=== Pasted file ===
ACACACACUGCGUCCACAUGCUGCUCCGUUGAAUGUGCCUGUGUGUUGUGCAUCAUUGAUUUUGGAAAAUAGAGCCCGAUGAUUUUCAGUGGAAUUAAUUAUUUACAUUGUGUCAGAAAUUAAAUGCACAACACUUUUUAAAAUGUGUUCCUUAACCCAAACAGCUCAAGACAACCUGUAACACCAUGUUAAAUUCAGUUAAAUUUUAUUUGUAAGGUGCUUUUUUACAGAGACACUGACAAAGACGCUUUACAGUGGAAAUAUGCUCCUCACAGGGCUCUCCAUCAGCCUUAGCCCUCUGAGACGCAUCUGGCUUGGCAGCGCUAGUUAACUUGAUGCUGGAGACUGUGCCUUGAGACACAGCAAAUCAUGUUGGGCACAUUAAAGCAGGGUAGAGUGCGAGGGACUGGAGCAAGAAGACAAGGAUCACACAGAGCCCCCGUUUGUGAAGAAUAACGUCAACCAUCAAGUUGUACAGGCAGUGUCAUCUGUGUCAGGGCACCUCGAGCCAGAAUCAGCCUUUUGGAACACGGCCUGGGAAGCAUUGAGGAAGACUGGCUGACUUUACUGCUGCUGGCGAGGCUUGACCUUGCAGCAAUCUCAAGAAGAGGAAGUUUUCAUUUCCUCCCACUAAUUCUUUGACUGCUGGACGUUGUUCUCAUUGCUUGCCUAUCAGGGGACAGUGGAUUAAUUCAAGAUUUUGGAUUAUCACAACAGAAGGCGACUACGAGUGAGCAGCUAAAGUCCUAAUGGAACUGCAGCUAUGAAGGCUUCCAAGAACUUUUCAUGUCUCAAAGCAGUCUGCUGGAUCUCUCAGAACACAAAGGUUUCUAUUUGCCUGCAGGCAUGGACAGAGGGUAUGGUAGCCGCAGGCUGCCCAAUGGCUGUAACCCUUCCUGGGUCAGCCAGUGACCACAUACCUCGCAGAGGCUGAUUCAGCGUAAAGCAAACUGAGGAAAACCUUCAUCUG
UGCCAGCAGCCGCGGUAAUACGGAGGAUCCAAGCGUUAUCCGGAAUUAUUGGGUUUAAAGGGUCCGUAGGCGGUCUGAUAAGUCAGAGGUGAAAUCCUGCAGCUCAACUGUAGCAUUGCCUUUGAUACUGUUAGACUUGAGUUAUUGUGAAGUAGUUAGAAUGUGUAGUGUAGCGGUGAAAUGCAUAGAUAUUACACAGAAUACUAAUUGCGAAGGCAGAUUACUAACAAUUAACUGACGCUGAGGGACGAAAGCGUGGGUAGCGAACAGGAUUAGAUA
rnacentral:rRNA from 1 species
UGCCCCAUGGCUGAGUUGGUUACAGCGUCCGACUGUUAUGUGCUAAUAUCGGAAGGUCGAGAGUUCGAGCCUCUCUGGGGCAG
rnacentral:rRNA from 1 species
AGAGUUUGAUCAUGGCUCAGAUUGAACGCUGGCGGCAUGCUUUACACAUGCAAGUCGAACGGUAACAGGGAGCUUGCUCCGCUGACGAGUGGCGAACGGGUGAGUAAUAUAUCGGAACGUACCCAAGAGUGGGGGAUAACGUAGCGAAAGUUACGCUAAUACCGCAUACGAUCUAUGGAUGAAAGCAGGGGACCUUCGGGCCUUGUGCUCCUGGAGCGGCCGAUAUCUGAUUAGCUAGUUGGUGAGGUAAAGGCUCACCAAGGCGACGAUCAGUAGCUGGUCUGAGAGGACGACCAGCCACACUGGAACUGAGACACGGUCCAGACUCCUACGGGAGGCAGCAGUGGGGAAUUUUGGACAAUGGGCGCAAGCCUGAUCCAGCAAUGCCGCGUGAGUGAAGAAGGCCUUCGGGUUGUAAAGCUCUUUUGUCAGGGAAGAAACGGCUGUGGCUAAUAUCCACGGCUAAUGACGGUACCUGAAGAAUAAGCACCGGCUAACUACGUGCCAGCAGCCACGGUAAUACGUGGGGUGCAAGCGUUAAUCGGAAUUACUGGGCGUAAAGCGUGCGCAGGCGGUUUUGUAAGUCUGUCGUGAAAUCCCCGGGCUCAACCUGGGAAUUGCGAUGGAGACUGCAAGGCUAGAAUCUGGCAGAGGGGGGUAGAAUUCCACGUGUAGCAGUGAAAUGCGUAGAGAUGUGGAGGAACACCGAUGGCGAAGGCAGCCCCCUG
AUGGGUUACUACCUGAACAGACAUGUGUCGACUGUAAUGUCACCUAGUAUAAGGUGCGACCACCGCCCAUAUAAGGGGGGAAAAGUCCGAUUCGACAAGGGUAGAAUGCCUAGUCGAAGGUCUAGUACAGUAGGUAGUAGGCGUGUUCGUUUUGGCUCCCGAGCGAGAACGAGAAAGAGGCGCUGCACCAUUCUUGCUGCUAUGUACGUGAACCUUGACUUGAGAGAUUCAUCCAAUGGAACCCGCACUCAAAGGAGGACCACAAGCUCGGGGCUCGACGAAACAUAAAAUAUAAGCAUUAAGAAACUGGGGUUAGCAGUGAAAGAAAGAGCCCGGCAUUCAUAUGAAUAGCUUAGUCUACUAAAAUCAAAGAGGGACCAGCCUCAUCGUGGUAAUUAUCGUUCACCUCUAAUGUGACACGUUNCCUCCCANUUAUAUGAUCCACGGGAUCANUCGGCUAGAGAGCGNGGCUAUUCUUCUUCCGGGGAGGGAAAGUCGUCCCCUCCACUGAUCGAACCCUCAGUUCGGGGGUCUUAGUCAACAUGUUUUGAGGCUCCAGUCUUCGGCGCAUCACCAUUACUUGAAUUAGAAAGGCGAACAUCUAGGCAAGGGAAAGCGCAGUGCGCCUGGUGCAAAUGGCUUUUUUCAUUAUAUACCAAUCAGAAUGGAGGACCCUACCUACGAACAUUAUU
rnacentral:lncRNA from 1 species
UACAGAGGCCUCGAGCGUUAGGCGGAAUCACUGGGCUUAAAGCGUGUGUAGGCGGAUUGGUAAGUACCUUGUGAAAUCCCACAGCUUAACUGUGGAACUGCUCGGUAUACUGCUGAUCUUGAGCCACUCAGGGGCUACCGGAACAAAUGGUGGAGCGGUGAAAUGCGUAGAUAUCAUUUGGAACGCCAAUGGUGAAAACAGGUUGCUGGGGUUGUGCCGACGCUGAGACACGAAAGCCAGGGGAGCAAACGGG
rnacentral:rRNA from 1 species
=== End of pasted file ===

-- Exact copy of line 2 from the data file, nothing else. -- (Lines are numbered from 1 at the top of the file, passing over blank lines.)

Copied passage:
UGCCAGCAGCCGCGGUAAUACGGAGGAUCCAAGCGUUAUCCGGAAUUAUUGGGUUUAAAGGGUCCGUAGGCGGUCUGAUAAGUCAGAGGUGAAAUCCUGCAGCUCAACUGUAGCAUUGCCUUUGAUACUGUUAGACUUGAGUUAUUGUGAAGUAGUUAGAAUGUGUAGUGUAGCGGUGAAAUGCAUAGAUAUUACACAGAAUACUAAUUGCGAAGGCAGAUUACUAACAAUUAACUGACGCUGAGGGACGAAAGCGUGGGUAGCGAACAGGAUUAGAUA